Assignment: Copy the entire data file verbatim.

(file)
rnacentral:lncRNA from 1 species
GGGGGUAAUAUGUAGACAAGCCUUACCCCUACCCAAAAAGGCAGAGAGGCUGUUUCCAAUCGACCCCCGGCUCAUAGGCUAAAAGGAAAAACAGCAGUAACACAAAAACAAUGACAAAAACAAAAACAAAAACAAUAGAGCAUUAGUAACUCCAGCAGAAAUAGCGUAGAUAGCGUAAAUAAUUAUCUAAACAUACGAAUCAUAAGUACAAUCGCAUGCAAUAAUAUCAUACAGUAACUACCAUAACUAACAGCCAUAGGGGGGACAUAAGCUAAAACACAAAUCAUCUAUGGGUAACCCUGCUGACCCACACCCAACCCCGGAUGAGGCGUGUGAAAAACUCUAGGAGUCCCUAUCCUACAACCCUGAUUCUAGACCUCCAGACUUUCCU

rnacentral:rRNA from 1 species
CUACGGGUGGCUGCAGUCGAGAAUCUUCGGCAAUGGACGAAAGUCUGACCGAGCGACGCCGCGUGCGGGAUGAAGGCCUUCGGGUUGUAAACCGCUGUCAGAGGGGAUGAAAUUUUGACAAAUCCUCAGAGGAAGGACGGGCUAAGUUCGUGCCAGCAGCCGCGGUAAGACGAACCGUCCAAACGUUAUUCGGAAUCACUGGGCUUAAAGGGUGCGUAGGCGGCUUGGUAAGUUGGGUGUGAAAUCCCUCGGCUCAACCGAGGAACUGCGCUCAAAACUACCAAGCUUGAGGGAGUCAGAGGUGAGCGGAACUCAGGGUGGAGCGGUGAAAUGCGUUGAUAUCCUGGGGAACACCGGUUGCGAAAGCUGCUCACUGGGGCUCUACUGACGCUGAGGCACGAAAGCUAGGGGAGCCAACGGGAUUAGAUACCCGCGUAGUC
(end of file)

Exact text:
rnacentral:lncRNA from 1 species
GGGGGUAAUAUGUAGACAAGCCUUACCCCUACCCAAAAAGGCAGAGAGGCUGUUUCCAAUCGACCCCCGGCUCAUAGGCUAAAAGGAAAAACAGCAGUAACACAAAAACAAUGACAAAAACAAAAACAAAAACAAUAGAGCAUUAGUAACUCCAGCAGAAAUAGCGUAGAUAGCGUAAAUAAUUAUCUAAACAUACGAAUCAUAAGUACAAUCGCAUGCAAUAAUAUCAUACAGUAACUACCAUAACUAACAGCCAUAGGGGGGACAUAAGCUAAAACACAAAUCAUCUAUGGGUAACCCUGCUGACCCACACCCAACCCCGGAUGAGGCGUGUGAAAAACUCUAGGAGUCCCUAUCCUACAACCCUGAUUCUAGACCUCCAGACUUUCCU

rnacentral:rRNA from 1 species
CUACGGGUGGCUGCAGUCGAGAAUCUUCGGCAAUGGACGAAAGUCUGACCGAGCGACGCCGCGUGCGGGAUGAAGGCCUUCGGGUUGUAAACCGCUGUCAGAGGGGAUGAAAUUUUGACAAAUCCUCAGAGGAAGGACGGGCUAAGUUCGUGCCAGCAGCCGCGGUAAGACGAACCGUCCAAACGUUAUUCGGAAUCACUGGGCUUAAAGGGUGCGUAGGCGGCUUGGUAAGUUGGGUGUGAAAUCCCUCGGCUCAACCGAGGAACUGCGCUCAAAACUACCAAGCUUGAGGGAGUCAGAGGUGAGCGGAACUCAGGGUGGAGCGGUGAAAUGCGUUGAUAUCCUGGGGAACACCGGUUGCGAAAGCUGCUCACUGGGGCUCUACUGACGCUGAGGCACGAAAGCUAGGGGAGCCAACGGGAUUAGAUACCCGCGUAGUC